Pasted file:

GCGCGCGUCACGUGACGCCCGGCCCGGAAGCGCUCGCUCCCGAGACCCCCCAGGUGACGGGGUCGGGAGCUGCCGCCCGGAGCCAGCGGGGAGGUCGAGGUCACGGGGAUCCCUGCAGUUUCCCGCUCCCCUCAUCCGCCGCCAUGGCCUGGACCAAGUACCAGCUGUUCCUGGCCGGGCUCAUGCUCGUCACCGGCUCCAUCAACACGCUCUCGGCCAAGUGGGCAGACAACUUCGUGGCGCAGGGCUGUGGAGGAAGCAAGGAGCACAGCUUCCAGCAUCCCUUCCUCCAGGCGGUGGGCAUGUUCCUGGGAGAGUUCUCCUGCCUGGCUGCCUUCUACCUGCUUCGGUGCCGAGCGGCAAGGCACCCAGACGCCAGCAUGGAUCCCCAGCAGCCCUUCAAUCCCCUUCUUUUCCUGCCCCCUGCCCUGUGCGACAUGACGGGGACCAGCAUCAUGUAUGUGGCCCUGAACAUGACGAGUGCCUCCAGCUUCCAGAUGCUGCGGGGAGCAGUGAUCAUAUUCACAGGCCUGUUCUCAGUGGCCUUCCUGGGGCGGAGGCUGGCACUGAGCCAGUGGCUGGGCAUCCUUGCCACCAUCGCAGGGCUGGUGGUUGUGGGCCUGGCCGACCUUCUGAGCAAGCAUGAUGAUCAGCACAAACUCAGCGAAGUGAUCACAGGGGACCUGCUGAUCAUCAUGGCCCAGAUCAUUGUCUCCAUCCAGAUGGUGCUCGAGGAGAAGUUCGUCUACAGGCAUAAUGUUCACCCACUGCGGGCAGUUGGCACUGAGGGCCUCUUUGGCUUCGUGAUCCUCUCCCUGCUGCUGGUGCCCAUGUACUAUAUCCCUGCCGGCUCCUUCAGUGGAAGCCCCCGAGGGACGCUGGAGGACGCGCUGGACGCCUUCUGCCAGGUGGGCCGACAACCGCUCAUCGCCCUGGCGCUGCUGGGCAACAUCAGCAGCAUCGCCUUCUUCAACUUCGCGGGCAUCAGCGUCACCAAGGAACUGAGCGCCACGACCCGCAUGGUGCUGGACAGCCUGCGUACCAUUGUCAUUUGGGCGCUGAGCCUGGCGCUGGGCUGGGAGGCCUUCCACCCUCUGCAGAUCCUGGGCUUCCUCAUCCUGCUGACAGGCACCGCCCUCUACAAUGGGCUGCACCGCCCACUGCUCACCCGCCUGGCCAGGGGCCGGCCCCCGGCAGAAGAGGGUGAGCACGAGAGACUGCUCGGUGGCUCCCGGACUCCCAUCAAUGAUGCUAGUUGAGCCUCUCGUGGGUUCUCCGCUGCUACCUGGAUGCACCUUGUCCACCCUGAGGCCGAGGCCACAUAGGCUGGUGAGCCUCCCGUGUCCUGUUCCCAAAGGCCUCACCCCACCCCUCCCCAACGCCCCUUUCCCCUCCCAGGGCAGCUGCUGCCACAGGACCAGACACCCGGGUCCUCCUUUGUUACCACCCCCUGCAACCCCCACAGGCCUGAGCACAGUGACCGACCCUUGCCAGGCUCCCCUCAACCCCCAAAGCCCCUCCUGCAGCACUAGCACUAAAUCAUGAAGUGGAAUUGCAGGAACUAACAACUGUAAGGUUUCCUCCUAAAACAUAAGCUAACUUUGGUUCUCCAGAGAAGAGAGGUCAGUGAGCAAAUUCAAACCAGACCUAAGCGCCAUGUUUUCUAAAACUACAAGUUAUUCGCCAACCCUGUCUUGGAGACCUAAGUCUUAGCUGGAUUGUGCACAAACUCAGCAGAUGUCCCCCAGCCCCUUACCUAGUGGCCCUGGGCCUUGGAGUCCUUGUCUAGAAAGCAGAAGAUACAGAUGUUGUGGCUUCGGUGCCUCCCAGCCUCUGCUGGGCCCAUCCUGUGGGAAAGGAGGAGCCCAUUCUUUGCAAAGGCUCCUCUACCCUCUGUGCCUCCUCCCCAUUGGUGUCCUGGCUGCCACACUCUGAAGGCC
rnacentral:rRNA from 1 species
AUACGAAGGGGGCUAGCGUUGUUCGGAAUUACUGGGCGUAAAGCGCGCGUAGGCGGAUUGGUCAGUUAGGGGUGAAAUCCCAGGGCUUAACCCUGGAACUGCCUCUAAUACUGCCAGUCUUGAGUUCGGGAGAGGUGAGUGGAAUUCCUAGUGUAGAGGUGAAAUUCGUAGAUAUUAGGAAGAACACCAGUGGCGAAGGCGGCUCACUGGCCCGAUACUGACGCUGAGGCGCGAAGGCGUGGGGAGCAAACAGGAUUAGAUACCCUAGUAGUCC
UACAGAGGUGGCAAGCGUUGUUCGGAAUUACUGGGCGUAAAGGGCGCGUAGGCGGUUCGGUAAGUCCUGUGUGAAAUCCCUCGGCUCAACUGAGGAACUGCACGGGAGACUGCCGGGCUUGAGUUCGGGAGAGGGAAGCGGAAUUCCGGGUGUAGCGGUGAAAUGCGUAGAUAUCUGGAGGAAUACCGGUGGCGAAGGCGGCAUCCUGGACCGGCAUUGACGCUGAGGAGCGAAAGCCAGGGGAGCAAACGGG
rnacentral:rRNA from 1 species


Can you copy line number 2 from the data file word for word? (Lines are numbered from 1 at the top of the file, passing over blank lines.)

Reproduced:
rnacentral:rRNA from 1 species